Who owns an abandoned house?

Abandoned homes are more than a blot on the landscape. See more real estate pictures.
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During the real estate boom in the early 2000s, eager investors snapped up properties in all kinds of neighborhoods in order to rehabilitate them and put them on the market; however, when the economy took a turn for the worse, many of those property owners were no longer able to sell the homes or even afford upkeep on those properties they'd once hoped to flip. As a result, home foreclosures and rates of home vacancy dramatically increased.

Run-down and abandoned homes can make an entire neighborhood look bad. Trash, overgrown grass and pest problems can spill over into neighboring properties. But abandoned houses can be more than just an eyesore -- they can be safety hazards and hotbeds for criminal activity. But who owns these properties, and what can you do to make them take responsibility for their home?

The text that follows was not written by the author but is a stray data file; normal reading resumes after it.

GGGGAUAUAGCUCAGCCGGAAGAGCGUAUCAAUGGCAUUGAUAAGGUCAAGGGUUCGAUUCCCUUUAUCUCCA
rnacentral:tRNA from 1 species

People in cities and towns across the United States are experiencing tough economic times, and the home foreclosure rate reflects the downward turn in the economy. For example, in the third quarter of 2009, foreclosure notices in the forms of default notices, scheduled auctions and bank repossession were filed on 930,437 U.S. properties, an increase of almost 22 percent from the third quarter of 2008. This translates to one in every 136 houses in the U.S. [source: Realty Track]. The economic downturn and mortgage crisis in recent years has contributed to the vacancy rate across the United States; for example, in Detroit, 30 percent of residential homes are vacant [source: Kellogg].

In this article, we'll take a look at why high crime rates seem to follow home vacancy. We'll also discuss what to do if there's an abandoned home nuisance in your neighborhood.